LIHUE — The most crucial facet of the University of Hawaii men’s volleyball visit to Kauai was that it was free for residents, said Laurie Yoshida of Corteva Agriscience, who coordinated the weekend trip for the reigning Big West champion Rainbow Warriors.
Starting with a meeting with state Senate President Ron Kouchi and the Hawaii staff, the visit included clinics for youth, hospital visits and a highlight scrimmage that necessitated sponsorships by the County of Kauai, Alexander & Baldwin, Bank of Hawaii, First Hawaiian Bank, Grove Farm Company, Global Agriculture and Corteva Agriscience.
“We need the support from everyone,” said state Rep. James Tokioka Saturday night during the scrimmage game. “Senator Kouchi had the connections to make this trip happen. He also has lined up sponsors for another possible visit later in the spring, but we need to support these efforts. We need to fill the gym.”
Although greeted by record-breaking participation in the youth clinics, the audience at the highlight scrimmage matchup between the men’s volleyball team fell short of those attending Kauai Interscholastic Federation high school matches.
“This is a nice way to wrap up our fall season,” said Charlie Wade, UH men’s volleyball head coach. “Competition for floor positions is intense as we build for the season that we ended with room for improvement.”
That set the stage for the four scheduled sets, where the team broke into White and Green playing three regulation sets to 25 points, and a fourth set where “Doghouse Rules” were effected, sending errant players to be immediately replaced.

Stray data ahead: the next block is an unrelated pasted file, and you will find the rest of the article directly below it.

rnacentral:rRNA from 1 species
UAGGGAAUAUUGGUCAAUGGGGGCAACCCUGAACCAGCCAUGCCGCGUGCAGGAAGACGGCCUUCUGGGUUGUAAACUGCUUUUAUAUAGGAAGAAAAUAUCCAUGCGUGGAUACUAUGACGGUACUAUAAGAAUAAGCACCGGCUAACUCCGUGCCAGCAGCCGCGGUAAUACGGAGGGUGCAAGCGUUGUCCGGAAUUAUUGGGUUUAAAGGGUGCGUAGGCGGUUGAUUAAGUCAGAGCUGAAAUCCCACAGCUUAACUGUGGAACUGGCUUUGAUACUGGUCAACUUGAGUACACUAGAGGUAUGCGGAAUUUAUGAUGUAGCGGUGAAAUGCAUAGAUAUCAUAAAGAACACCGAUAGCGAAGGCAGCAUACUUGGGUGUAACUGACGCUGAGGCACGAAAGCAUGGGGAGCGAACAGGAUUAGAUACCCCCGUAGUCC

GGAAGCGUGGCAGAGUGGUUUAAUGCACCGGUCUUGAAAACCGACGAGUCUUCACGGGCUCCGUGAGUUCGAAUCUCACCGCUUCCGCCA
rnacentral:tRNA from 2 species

“I always wanted to be a Rainbow Warrior,” said Kaheamoana Kamalani, a Kilauea native. “I played for Island School for two years before transferring to Kaiser High School. I’m a freshman now, playing the outside hitting position, and it’s like a dream come true. The University of Hawaii is so supportive, and the playing environment is great.”
Kamalani is one of the players who received a lot of enthusiastic support from the audience, including his mother Roni Marley, who was among the volunteers scrambling forth during the activities that filled the time between sets.
Tori Kagawa, a KIF official and teacher at the Waimea Canyon School, was one of the Kauai volunteers along with former Kauai High School coach Enoch Ka‘ana who emceed the activity during the public sections of the Hawaii visit.
“I took in the coaches’ clinic that was led by the University of Hawaii men’s volleyball coaching staff in the Kauai High School library to comply with the collegiate rules,” Kagawa said. “But I had time to break away to check on some of my students who were participating in the clinic with the Hawaii players in the gym.”
Ka‘ana said the participation during the free youth clinics was record-breaking, more than any of the previous visits by the Hawaii team.
“We had to have Coach Deej Peleras get some more balls from Island School,” Kagawa said. “We had a lot of players.”
More than 60 middle school students and 120 high school students were engaged in learning activities with the Rainbow Warrior players Friday night, a lot of them returning for the scrimmage and getting involved with volunteering during play that was prefaced with Rainbow Warrior Max Rosenfeld (he’s from Illinois) playing the ukulele and rendering “Hawaii Pono‘i” with Ka‘ana, to the amusement of Tokioka.
“We’re coming back,” said Rainbow Warrior James Anastassiades, who took over microphone duty from Ka‘ana during the third set. “We have one trophy this time. The next time, we’re coming back with two trophies!”